Equality and Civil Rights: a Chronology of Black History di Giulia Tomasi Cont, Davide Pignata

Blacks in the Revolutionary War

Looking Ahead

After the end of this section, you will be able to:

- talk about the role of slaves in the Revolutionary War.

The American colonies were a source of great wealth for Great Britain. To capture this wealth, the government had to exercise control over both colonial trade and colonial government.

Great Britain tried to control its American colonies in two ways. First, it passed laws to restrict colonial trade. Second, Great Britain sent its own officials to govern the colonies and force its laws on colonial legislatures. Both factors were important in the colonist’s final decision to break away from Great Britain.

[To improve your knowledge about the American Revolution see The Navigation Acts (from 1651 to 1733); Greenville’s Colonial Policies (1761-63); Taxation without representation (1764); The Quartering Act (1765); The Stamp Act (1765); The Townshend Acts (1767); The Boston Massacre (1770); Tea Act and Tea Party (1773); The Intolerable Acts (1774); The Quebec Act (1774); First Continental Congress (1774); Second Continental Congress (1775)].

The [E1] [E2] [F] [Es] [I] Declaration of Independence (1776), which declared that the 13 British colonies considered themselves free of British rule, did not guarantee independence for a United States. A war had to be won first. In order to do this, the Second Continental Congress had to overcome many problems. It had to organise an army and navy. Officials had to be sent to foreign countries to ask for aid. Congress had to find the money to finance the war. One problem Congress faced was recruiting enough Americans to fight the British. The first American soldiers were militia. Usually, members of the militia served for six months or fought only in battles near to their homes. Most men did not want to leave their families for long periods of time.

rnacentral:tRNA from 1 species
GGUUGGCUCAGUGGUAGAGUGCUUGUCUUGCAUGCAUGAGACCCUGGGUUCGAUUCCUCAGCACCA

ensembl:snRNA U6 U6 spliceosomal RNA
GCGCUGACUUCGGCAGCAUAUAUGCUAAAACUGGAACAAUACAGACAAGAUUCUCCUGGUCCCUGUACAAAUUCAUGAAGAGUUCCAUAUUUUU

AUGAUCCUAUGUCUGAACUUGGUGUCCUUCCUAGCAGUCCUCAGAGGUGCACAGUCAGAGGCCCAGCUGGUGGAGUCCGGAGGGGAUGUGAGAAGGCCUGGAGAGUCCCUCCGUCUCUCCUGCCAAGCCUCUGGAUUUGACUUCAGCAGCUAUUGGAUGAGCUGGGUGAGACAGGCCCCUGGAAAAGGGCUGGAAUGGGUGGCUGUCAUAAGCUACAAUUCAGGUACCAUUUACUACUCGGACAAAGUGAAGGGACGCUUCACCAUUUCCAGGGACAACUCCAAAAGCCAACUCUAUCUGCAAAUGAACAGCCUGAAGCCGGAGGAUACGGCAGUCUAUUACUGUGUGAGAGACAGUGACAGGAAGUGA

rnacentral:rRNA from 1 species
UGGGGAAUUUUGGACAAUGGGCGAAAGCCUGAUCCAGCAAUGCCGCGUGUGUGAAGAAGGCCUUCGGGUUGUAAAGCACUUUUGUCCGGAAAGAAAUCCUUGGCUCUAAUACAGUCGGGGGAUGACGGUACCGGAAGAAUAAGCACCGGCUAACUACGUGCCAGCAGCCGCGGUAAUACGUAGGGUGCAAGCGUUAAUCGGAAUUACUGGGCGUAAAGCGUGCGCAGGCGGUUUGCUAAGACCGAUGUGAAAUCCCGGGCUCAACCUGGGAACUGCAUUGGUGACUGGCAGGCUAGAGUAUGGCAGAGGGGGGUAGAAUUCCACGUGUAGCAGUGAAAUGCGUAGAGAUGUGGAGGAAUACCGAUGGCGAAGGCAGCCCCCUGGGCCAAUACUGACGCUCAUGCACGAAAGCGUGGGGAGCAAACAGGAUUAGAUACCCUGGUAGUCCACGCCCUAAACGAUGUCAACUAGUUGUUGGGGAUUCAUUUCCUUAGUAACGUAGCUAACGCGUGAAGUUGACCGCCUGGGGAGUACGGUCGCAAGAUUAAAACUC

The Congress began organising an army in 1775 (each state was asked to recruit men to form its own unit of the Continental Army), but, like the militia, the army had trouble getting soldiers to serve for long periods of time.

Blacks were members of the militia that took part in the first battles of the [E1] [E2] [E3] [I] Revolutionary War. Among them was Salem Poor, praised by his commanding officers for his courage at Bunker Hill (1775). However, when Congress organised the Continental Army, it kept blacks out. Colonial leaders did not want the army to become a place for runaway slaves. But the main reason for not enlisting blacks was fear. Some colonists fear that armed slaves would turn on their owners.

Free blacks were angry at being kept out of the army. Late in 1775, they protested the General Washington. He placed the matter before Congress. It finally agreed to allow free blacks who had fought in the early battles to enlist. As the war dragged on, the Continental army began recruiting blacks, both slave and free. There were blacks in units from most states, and blacks also served at sea. In all, 5,000 blacks served on the side of the Americans.

Some blacks also served in the British army. Lord Dunmore, the British governor of Virginia, offered freedom to black slaves who joined the British. One reason Americans began recruiting black soldiers was in answer to this threat. Some black soldiers received their freedom for serving with the Americans.

Looking Back

Practicing your skills

Debating Would you have supported the Declaration of Independence if you had been a slave in Virginia?



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